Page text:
8. Athanassios Petralias & Sotirios Petros & Pródromos Prodromídis, 2013. "Greece in Recession: Economic predictions, mispredictions and policy implications," GreeSE – Hellenic Observatory Papers on Greece and Southeast Europe 75, Hellenic Observatory, LSE.
    9. Beate Jochimsen & Robert Lehmann, 2017. "On the political economy of national tax revenue forecasts: evidence from OECD countries," Public Choice, Springer, vol. 170(3), pages 211-230, March.
    10. Andrew Hannon & Eimear Leahy & Róisín O'Sullivan, 2016. "An Analysis of Tax Forecasting Errors in Ireland," The Economic and Social Review, Economic and Social Studies, vol. 47(3), pages 391-423.
    11. Lehmann Robert & Wollmershäuser Timo, 2020. "The macroeconomic projections of the German government: A comparison to an independent forecasting institution," German Economic Review, De Gruyter, vol. 21(2), pages 235-270, June.
    12. Õie Renata Siimon & Oliver Lukason, 2021. "A Decision Support System for Corporate Tax Arrears Prediction," Sustainability, MDPI, Open Access Journal, vol. 13(15), pages 1-23, July.
    13. António Afonso & Rui Carvalho, 2014. "Revenue Forecast Errors in the European Union," Working Papers Department of Economics 2014/02, ISEG - Lisbon School of Economics and Management, Department of Economics, Universidade de Lisboa.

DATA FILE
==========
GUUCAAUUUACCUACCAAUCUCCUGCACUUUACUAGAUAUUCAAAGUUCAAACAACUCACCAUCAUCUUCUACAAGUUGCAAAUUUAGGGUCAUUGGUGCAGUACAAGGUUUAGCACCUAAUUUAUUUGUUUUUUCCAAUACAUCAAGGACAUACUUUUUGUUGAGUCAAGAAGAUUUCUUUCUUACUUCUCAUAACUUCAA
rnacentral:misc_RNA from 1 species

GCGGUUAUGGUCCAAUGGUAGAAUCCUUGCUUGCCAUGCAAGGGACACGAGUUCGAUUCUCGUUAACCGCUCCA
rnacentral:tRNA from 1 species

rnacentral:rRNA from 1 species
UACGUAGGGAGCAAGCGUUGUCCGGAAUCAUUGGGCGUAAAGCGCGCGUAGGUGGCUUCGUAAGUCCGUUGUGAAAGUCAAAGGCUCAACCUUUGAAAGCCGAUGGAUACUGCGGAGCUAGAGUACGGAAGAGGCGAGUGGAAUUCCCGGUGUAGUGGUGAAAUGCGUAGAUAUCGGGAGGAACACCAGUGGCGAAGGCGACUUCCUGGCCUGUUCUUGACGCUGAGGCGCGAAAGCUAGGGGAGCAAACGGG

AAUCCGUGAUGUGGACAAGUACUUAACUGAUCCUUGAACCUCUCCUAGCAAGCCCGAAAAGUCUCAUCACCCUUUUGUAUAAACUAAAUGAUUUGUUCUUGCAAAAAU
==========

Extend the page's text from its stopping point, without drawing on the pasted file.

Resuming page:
14. Ondřej Bayer, 2013. "Research of Estimates of Tax Revenue: An Overview," European Financial and Accounting Journal, Prague University of Economics and Business, vol. 2013(3), pages 59-73.
    15. Ademmer, Martin & Boysen-Hogrefe, Jens, 2019. "The impact of forecast errors on fiscal planning and debt accumulation," Kiel Working Papers 2123, Kiel Institute for the World Economy (IfW).
    16. Boukari, Mamadou & Veiga, Francisco José, 2018. "Disentangling political and institutional determinants of budget forecast errors: A comparative approach," Journal of Comparative Economics, Elsevier, vol. 46(4), pages 1030-1045.
    17. Zhiyong An & Yilin Hou, 2020. "Debt authority and intentional overstatement of budgetary deficit: evidence from Chinese Provinces," International Tax and Public Finance, Springer;International Institute of Public Finance, vol. 27(2), pages 461-477, April.
    18. Eddie Casey, 2019. "Inside the "Upside Down": Estimating Ireland's Output Gap," The Economic and Social Review, Economic and Social Studies, vol. 50(1), pages 5-34.
    19. Nada Azmy ElBerry & Stijn Goeminne, 2021. "Fiscal transparency, fiscal forecasting and budget credibility in developing countries," Journal of Forecasting, John Wiley & Sons, Ltd., vol. 40(1), pages 144-161, January.

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    More about this item

    JEL classification:

    • H11 - Public Economics - - Structure and Scope of Government - - - Structure and Scope of Government
    • H68 - Public Economics - - National Budget, Deficit, and Debt - - - Forecasts of Budgets, Deficits, and Debt